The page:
(b) Ten times the aggregate adjusted bases of qualified small business stock issued by the corporation and disposed of by the taxpayer during the taxable year.
CR&TC §18152.5(c)(1) defines “Qualified small business stock” means any stock in C corporation, a qualified small business, which is originally issued after August 10, 1993 if the stock is acquired by the taxpayer at its original issue (directly or through an underwriter) in exchange for money or other property (not including stock), or as compensation for services provided to the corporation (other than services performed as an underwriter of the stock).
CR&TC §18152.5(c)(2)(A) requires that the corporation meet the active business requirements of §18152.5(e) for substantially all of the taxpayer’s holding period.
§18152.5(e)(1)(A) requires that the corporation use at least 80 percent (by value) of the assets of the corporation in the active conduct of one or more qualified trades or businesses in California.
§18152.5(e)(5)(B) requires that a corporation shall be treated as failing to meet the requirements of QSBS for any period during which more than 10 percent of the value of its assets (in excess of liabilities) consists of stock or securities in other corporations which are not subsidiaries of the corporation.
§18152.5(e)(6) provides that for purpose of the 80% asset test, the following assets shall be treated as used in the active conduct of a qualified trade or business: (A) Assets that are held as a part of the reasonably required working capital needs of a qualified trade or business of the corporation; and (B) Assets that are held for investment and are reasonably expected to be used within two years to finance research and experimentation in a qualified trade or business or increases in working capital needs of a qualified trade or business. For periods after the corporation has been in existence at least two year, in no event may more than 50% of the assets of the corporation qualify as used in the active conduct of a qualified trade or business by reason of this paragraph.
§18152.5(e)(7) requires that a corporation shall not be treated as meeting the requirements of QSBS for any period during which more than 10 percent of the total value of its assets consists of real property that is not used in the active conduct of a qualified trade or business (not including the ownership of, dealing in, or renting of, real property).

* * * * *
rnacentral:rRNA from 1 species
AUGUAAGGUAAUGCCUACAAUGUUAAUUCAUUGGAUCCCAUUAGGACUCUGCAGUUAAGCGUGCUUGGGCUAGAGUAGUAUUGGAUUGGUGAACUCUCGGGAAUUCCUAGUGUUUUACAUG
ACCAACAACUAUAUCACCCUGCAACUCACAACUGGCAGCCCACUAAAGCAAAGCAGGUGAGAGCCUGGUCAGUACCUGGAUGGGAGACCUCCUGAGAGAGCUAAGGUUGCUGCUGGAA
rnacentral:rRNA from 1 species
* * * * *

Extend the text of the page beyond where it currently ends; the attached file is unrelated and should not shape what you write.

§18152.5(e)(8) requires that rights to computer software that produces active business computer software royalties (within the meaning of Section 543(d)(1) of the Internal Revenue Code) shall be treated as an asset used in the active conduct of a trade or business.
§18152.5(e)(9) requires that no more than 20% of the company’s payroll be attributable to employment outside of California.
§18152.5(d)(1) requires that to be a “qualified small business”, a C corporation should meet the following requirements:
(A) The aggregate gross assets of the corporation (or any predecessor thereof) at all times on or after July 1, 1993, and before the issuance did not exceed fifty million dollars ($50,000,000).
(B) The aggregate gross assets of the corporation immediately after the issuance (determined by taking into account amounts received in the issuance) do not exceed fifty million dollars ($50,000,000).
(C) At least 80 percent of the corporation’s payroll, as measured by total dollar value, is attributable to employment located within California.
(D) The corporation agrees to submit those reports to the Franchise Tax Board and to shareholders as the Franchise Tax Board may require to carry out the purposes of this section (e.g., Form 3565).
§18152.5(f) requires that if a corporation is acquired solely through the conversion of other stock in the corporation that is qualified small business stock in the hands of the taxpayer, both of the following shall apply: (1) the stock so acquired shall be treated as qualified small business stock in the hands of the taxpayer, and (2) the stock so acquired shall be treated as having been held during the period during which the converted stock was held.
§18152.5(h) requires that in the case of a transfer (e.g., by gift, at death, from a partnership to a partner), the transferee shall be treated as (i) Having acquired the stock in the same manner as the transferor; and (ii) Having held the stock during any continuous period immediately preceding the transfer during which it was held (or treated as held under this subdivision) by the transferor.